UK's David Cameron says superbugs could send us back to the 'dark ages'

Britain's Prime Minister David Cameron holds a news conference during an European Union leaders summit in Brussels.

Britain's Prime Minister David Cameron holds a news conference during an European Union leaders summit in Brussels.  (REUTERS/Pascal Rossignol)

Prime Minister David Cameron called on Wednesday for global action to tackle the threat of drug-resistant superbugs and said Britain planned to take a leading role in finding ways to spur the development of new antibiotics.

A world without effective antibiotics would push medicine back into the "dark ages", he said, with routine surgery, treatments for cancer and organ transplants potentially becoming impossible.

Cameron announced an independent review led by former Goldman Sachs chief economist Jim O'Neill to pinpoint the problems and identify why so few new antibiotics are being developed.

O'Neill will bring together experts from around the world, reflecting the global nature of the superbug threat.

Cameron said he had discussed the issue at a G7 summit of leaders in Brussels last month and had won specific support for the initiative from U.S. President Barack Obama and German Chancellor Angela Merkel.

"This is a very serious threat. We are in danger of going back to the dark ages in medicine, to see infections that were treatable not be treatable," he said in BBC interview.

"We have to grip it globally because this is a problem that will affect every country in the world and Britain is providing leadership to make that happen."

The O’Neill Commission will be hosted and funded by the Wellcome Trust charity, which is contributing 500,000 pounds ($850,000) to the project.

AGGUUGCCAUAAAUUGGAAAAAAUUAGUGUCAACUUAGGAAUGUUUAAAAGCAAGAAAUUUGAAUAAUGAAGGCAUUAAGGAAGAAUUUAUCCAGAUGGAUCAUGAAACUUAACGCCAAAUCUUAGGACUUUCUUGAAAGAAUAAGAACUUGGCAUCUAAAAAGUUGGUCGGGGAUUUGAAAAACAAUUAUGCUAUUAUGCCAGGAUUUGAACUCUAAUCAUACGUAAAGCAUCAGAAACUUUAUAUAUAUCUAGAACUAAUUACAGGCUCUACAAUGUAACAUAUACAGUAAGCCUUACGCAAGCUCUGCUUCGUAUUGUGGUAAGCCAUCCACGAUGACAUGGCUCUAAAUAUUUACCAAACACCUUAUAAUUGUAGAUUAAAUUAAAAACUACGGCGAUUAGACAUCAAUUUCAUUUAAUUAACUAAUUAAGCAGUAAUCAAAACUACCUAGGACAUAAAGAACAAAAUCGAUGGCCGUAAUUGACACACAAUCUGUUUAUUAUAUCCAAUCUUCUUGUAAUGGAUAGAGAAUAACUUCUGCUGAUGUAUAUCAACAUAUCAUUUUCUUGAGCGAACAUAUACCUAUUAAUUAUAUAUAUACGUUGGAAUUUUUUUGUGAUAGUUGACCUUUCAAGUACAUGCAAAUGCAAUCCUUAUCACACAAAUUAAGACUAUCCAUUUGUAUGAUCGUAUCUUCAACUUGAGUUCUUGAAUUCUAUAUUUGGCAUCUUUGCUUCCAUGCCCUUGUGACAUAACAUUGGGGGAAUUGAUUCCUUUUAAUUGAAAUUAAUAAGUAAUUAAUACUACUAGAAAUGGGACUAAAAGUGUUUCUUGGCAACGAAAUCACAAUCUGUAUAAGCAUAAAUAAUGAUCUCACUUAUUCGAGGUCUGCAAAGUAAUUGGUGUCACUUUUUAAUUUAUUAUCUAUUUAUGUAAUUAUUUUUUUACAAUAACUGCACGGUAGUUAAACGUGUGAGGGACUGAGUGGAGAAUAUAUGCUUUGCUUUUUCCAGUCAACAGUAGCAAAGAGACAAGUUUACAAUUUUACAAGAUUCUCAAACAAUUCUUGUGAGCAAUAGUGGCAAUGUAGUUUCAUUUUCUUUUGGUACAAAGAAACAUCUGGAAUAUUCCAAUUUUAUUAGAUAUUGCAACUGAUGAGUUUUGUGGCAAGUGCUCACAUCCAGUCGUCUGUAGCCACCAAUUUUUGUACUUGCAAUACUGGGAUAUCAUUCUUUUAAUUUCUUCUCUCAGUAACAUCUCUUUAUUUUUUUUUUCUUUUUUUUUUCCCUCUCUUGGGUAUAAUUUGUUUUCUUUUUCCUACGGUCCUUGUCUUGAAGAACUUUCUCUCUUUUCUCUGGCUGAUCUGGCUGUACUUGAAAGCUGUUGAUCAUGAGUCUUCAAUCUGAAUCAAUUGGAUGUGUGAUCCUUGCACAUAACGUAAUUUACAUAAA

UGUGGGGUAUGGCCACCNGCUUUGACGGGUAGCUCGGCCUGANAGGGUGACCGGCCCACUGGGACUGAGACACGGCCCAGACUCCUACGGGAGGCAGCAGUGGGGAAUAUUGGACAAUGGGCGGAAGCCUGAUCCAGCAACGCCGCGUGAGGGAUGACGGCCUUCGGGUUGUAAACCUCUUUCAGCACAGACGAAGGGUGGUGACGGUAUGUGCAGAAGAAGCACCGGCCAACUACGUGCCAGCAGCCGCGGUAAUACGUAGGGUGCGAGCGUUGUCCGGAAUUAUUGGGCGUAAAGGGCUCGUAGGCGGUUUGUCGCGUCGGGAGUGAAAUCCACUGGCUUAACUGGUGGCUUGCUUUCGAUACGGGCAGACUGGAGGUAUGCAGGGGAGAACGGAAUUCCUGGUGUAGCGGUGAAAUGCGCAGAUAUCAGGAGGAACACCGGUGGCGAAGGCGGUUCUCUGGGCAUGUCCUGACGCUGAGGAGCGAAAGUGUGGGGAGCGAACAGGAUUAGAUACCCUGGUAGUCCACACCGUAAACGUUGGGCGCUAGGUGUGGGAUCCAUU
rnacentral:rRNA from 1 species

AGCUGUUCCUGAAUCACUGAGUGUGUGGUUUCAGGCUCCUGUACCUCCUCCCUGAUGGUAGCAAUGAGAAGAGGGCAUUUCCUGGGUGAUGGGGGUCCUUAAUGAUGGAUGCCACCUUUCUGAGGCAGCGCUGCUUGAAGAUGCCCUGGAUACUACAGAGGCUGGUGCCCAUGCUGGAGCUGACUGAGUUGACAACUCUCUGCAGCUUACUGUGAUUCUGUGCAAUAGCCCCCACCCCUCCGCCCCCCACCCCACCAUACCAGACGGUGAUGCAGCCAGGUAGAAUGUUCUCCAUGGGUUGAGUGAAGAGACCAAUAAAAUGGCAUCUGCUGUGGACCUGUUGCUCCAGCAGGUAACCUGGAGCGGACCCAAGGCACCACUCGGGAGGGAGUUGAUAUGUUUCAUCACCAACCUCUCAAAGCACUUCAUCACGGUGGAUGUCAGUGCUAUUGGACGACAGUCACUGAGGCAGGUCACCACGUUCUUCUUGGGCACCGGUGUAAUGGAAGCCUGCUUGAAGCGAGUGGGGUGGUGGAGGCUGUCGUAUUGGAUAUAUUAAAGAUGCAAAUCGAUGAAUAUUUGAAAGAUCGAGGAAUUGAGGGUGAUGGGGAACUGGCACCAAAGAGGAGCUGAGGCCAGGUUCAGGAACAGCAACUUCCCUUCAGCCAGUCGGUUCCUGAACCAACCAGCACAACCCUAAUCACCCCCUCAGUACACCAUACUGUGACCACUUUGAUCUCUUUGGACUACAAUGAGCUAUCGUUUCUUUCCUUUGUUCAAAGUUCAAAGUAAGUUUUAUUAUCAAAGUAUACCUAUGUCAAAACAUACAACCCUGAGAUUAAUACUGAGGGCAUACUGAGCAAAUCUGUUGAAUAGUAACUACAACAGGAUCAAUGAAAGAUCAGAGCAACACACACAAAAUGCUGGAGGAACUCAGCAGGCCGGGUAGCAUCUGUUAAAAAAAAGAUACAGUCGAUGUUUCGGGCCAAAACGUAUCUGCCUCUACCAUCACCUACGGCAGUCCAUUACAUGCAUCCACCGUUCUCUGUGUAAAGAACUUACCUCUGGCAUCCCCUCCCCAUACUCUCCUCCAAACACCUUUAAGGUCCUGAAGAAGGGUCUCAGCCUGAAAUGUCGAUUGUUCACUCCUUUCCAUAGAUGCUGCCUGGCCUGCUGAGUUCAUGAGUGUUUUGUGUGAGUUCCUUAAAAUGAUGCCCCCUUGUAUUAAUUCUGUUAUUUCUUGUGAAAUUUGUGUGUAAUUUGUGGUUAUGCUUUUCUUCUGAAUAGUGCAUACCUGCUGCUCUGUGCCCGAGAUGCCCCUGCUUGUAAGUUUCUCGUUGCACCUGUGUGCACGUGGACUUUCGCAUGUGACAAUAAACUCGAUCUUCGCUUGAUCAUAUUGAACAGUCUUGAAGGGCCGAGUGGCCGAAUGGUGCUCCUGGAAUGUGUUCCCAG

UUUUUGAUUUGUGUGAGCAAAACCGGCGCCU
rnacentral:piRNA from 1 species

Drug resistance is driven by the misuse and overuse of antibiotics, which encourages bacteria to develop new ways of overcoming them.

Resistance has been a feature of medicine since Alexander Fleming's discovery of the first antibiotic, penicillin, in Britain in 1928. But the problem has become worse in recent years as multi-drug-resistant bugs have developed and drug companies have reduced investment in an unprofitable field.

Unlike big sellers such as statins for lowering cholesterol, antibiotics are used for only short periods and doctors also tend to keep the newest and most potent ones in reserve.

Prices for antibiotics are also low, reflecting the availability of many cheap generic versions, in contrast to treatments for other diseases such as cancer.

Race against evolution

Recent years have seen the emergence of strains of infections, including tuberculosis, malaria, pneumonia and gonorrhoea, that resist all known drugs.

Only a handful of new antibiotics have been developed and brought to market in the past few decades, and it is a race against time to find more as bacterial infections increasingly evolve into superbugs resistant to even the most powerful last-resort medicines reserved for extreme cases.

One of the best known superbugs, MRSA, is alone responsible for tens of thousands of deaths in the United States and Europe, as well as untold numbers in poorer countries.

Cameron's decision to set up the O'Neill Commission follows a call by scientists in May for a independent body on antimicrobial resistance, modeled on the Intergovernmental Panel on Climate Change.

In one promising sign, Swiss drugmaker Roche recently said it was returning to the antibiotic field - but its move runs counter to a gradual drift to the exit by Big Pharma over the past decade.

Only a handful of pharmaceutical firms with large antibiotic R&D programs remain, compared with nearly 20 in 1990, according to the Infectious Diseases Society of America (IDSA).